Bloggers ponder the economic future of France, which overturned a divisive labor law Monday after loud protest. They also mull Seymour Hersh's bombshell article on Iran war planning and the Page Six scandal.
French surrender: After weeks of demonstrations by students and labor unions, French President Jacques Chirac announced that the government would withdraw the controversial First Employment Contract, which was authored by embattled Prime Minister Dominique de Villepin and would've permitted businesses to fire workers under age 26 for any reason during a two-year trial period.
It also would've aided France's stagnant economy, say bloggers who are disappointed that the raucous students got their way. "What really makes this sad," writes Doug at Christian-oriented group blog Stones Cry Out, "is that in this case ... the people are asking to return to a situation that actually works against them in the guise of a worker benefit." Backers of the CPE (the law's French acronym) claim that France's 22 percent youth unemployment rate is owed to overly protective labor laws. "Instead of the harder you work, the more you get -- it becomes foolish to work any longer or harder than the average," writes right-leaning Riehl World View. "So every effort becomes watered down. There's no incentive for an individual to do anything else but be average."
Now is also the time to reassess what's going on in France, which has been rocked in recent months by rioting and unrest. "What is really happening in France is the breaking up of a cultural illusion," writes Alvaro Varas Llosa on the Intellectual Conservative. "For decades, the French have lived under the pretense that their parasitical social model could last forever. It's basically a model in which a small segment of society produces wealth and a much larger segment lives off that wealth through a vast system of government transfers that millions have come to take for granted."
Conservative Andrew Sullivan is pessimistic. "If the French cannot accept even the teensiest attemp to bring market discipline and free labor markets to their over-regulated economy, then they need no longer be considered a nation with a future. They are a nation committing an extremely slow suicide by suffocation."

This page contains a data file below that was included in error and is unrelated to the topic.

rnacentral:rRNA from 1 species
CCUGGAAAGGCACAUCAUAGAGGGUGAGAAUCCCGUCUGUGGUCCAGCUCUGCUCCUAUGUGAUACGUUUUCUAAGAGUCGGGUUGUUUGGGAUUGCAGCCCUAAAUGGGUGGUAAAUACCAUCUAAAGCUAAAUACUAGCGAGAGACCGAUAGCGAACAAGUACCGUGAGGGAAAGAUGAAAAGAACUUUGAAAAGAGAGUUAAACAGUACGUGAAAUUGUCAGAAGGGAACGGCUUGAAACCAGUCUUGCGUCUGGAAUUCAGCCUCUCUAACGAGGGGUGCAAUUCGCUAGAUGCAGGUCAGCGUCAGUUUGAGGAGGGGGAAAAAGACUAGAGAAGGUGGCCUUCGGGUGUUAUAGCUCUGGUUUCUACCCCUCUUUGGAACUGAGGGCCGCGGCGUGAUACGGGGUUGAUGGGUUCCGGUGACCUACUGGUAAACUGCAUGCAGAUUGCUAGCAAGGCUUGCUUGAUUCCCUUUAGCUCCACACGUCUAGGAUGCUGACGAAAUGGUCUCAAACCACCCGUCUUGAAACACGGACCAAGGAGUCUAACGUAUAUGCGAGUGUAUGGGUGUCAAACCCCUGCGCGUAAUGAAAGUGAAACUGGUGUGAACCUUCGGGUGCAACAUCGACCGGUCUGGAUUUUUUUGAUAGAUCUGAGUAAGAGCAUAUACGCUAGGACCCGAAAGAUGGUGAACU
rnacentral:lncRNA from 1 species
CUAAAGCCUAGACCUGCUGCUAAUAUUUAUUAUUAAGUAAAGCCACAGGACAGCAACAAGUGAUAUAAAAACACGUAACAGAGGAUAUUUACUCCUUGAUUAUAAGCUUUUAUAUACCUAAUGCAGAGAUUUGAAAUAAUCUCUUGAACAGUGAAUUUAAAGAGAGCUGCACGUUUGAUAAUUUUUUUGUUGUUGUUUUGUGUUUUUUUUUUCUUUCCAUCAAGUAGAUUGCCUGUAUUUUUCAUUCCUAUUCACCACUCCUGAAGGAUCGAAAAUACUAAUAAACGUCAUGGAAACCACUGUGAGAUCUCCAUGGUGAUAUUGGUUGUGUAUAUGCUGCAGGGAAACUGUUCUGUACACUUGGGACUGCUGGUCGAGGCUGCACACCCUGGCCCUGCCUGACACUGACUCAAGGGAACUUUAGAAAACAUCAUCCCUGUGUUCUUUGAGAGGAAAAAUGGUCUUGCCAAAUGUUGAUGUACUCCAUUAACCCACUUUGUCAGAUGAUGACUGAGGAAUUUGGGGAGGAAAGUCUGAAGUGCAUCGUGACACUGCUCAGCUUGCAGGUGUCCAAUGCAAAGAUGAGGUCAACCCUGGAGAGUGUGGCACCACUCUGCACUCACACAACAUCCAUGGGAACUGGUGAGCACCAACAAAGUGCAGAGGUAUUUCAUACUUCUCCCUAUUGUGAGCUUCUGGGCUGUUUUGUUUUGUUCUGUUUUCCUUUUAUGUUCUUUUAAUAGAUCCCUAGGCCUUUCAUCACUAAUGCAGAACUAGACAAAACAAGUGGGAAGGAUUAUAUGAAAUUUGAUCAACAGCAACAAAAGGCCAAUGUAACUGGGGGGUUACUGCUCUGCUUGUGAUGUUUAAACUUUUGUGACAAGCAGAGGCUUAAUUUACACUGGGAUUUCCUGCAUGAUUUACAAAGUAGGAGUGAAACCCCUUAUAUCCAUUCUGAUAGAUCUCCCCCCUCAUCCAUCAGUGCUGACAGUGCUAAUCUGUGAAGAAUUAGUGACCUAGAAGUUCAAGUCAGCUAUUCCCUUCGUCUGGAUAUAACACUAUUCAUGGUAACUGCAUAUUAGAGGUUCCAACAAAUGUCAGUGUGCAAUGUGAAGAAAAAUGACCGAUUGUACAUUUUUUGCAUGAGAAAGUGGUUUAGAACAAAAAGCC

Iraq today, Iran tomorrow? Calling it "wild speculation," President Bush on Monday dismissed reports of plans for a military attack against Iran. In the April 17 New Yorker, Seymour Hersh reports that senior administration officials are formulating plans for a major air attack on Iran, possibly including tactical nuclear weapons.
Speculative or not, Hersh's investigative reputation is enough to get the blogosphere stirring. One paragraph in particular has bloggers buzzing: "One former defense official ... told me that the military planning was premised on a belief that 'a sustained bombing campaign in Iran will humiliate the religious leadership and lead the public to rise up and overthrow the government.' He added, 'I was shocked when I heard it, and asked myself, 'What are they smoking?' ' "
"This is a shocking paragraph," writes Joe Gandelman at The Moderate Voice. "It suggests that there has been no learning curve with the administration. All that's missing in that statement is administration officials predicting that Americans would be greeted as liberators and covered with garlands of flowers"
Rick Moran of Right Wing Nuthouse doesn't see any bombs, but an article with largely anonymously sources that may be a ploy. "I personally think military action to take out Iranian nukes is self-defeating. But don't tell the Iranians that. In fact, the more uncertain President Ahmadinejad is about our intentions, the better. This little stratagem about keeping the Iranians guessing about our intentions seems to be lost on our rabid dog left wing who have swallowed what is almost certainly a deliberately planned leak on our military options."
Armed Liberal at Winds of Change reaches the same conclusion: "All those midlevel officers in the Pentagon have to do something every day," he writes, "and having detailed contingency plans for just about everything is probably a pretty good thing for them to be doing."
Read more about the Hersh article. The Moderate Voice, Think Progress, and Right Wing Nuthouse all have extensive roundups of analysis and blogger opinion. In Slate, Fred Kaplan weighs the possibilities.
Page Six in a fix: After reporting Friday that a New York Post Page Six staffer solicited $220,000 from a high-profile billionaire—for a year's worth of gossip page "protection"—the Daily News reported Monday that another Page Six columnist is routinely showered with gifts. Also Monday, ABC News reported that the FBI lacked clear-cut evidence against the alleged solicitor, Jared Paul Stern, or else it would've arrested him. (Disclosure: the author is a sportswriter for the Daily News.)
The scandal has gotten major play in almost every signficant news outlet, writes Eric Boehlert of the Huffington Post, with one predictable exception. "Proving once again that the 'News'" in Fox News is not meant to be taken literally, the Rupert Murdoch-owned news channel has all but ignored the stunning story.
Another New York gossip outlet, Gawker, suggests that Stern's target for solicitation, Ron Burkle, doesn't come out looking that good. "The fact that he was even meeting with Stern to discuss controlling negative coverage suggests that Burkle, who's going through a nasty divorce, has something to hide." And what might Burkle be hiding? Gawker makes its guess here.
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